Lastly, if you don't like my horses or my operation then don't bother coming back. I'm not forcing you to ride my horses or enjoy the beauty of the Eagle Caps.

So, to those nay-sayers that would like me to quit, I'm sorry to inform you that won't be happening. I love my horses (and mules!) and I do take pride in each of them. They are all amazing at what they do.

Monday, August 4, 2014

Pine Lakes - Drop Camp

The other day I took a drop camp into Pine Lakes. The ride was absolutely gorgeous and the packing went off without a hitch. I hope that the group I took into Pine Lakes enjoyed the ride and that they decide to come back and go in with us again.

Saturday, July 19, 2014

Neglected Blog

My poor neglected blog. I have not forgot about you! I've just been extremely busy.

Since July 1st, my last post, summer has been in full swing. Wilderness Horse Camp has been busy and filled with young girls who are thrilled to be riding horses in the Eagle Cap Wilderness.  On July 4th I participated in the Haines Rodeo doing the cowhide race with a young guy that works for us. It was a crazy event and although we had fun, we didn't win. The darn cowhide broke!

Sometime after the fourth Jane and her husband arrived to spend a few quite days at the lodge before we hosted a 40 Something Cowgirl ride. It was a crazy, fun, maddening, hectic, enjoyable weekend. My favorite part was getting to spend time with Jane while she was here from California.

After the 40 SC's left, Jane and I went to Wallowa and I bought my very own mule team! I am so excited and thrilled to have a team. They are fabulous and have been perfect so far. I've renamed them Kit and Kat. Like the candy bar, KitKat.

I've also had the chance to ride with Darice and also go over to her place to practice with Kit and Kat.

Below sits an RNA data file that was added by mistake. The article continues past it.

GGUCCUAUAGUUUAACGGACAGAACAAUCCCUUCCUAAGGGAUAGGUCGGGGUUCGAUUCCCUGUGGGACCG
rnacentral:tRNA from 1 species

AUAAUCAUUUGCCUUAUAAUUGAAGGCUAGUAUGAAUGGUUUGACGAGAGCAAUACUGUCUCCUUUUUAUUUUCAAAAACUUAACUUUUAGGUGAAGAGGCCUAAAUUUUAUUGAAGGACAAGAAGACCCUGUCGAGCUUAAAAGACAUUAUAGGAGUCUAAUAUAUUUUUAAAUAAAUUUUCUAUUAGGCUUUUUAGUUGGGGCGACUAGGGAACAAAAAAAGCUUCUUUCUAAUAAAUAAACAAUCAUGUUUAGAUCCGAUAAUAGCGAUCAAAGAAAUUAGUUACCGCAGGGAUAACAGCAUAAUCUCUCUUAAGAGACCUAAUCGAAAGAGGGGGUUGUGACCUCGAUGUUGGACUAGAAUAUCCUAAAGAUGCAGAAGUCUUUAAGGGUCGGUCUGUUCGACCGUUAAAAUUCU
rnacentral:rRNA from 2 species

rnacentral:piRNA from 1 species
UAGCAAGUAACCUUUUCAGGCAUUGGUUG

I'll try to do a better job at blogging and posting photos!

Tuesday, July 1, 2014

Clearing Trail and Setting up Camp

Yesterday, my goal was to clear some trail with my fabulous friend Darice (who has been teaching me to drive mules).  But, before I even got the day started, I determined that if I was going to head all the way up East Fork I might as well take the camp up and get it set up too.

The morning started out by saddling six mules and rushing around to put together a backcountry camp. We finally got all the mules packed and loaded and started up the trail, although it was far later than I had anticipated.

There was a lot of sawing and moving of trees, but also a good share of laughter. I am so thankful that Darice was willing to come up and help me clear trail and set up the camp. (Even if I did manage to suck up a piece of bailing twine with the chainsaw and cause it to malfunction.)  East Fork camp is basically setup, but I'll have to go up again and cut some new tent poles. The snow this last winter was incredibly heavy and not only broke off numerous tree tops, but also demolished my second tent frame pecker poles.  The joys of winter continue into summer.

The long day ended with hamburgers at the lodge and Darice heading off the mountain. I might have a few blisters, but I'm certainly glad I can (semi) cross one thing off my list. Again, thank you to Darice. I appreciate your help immensely!

For now it's a warm shower and then off to bed.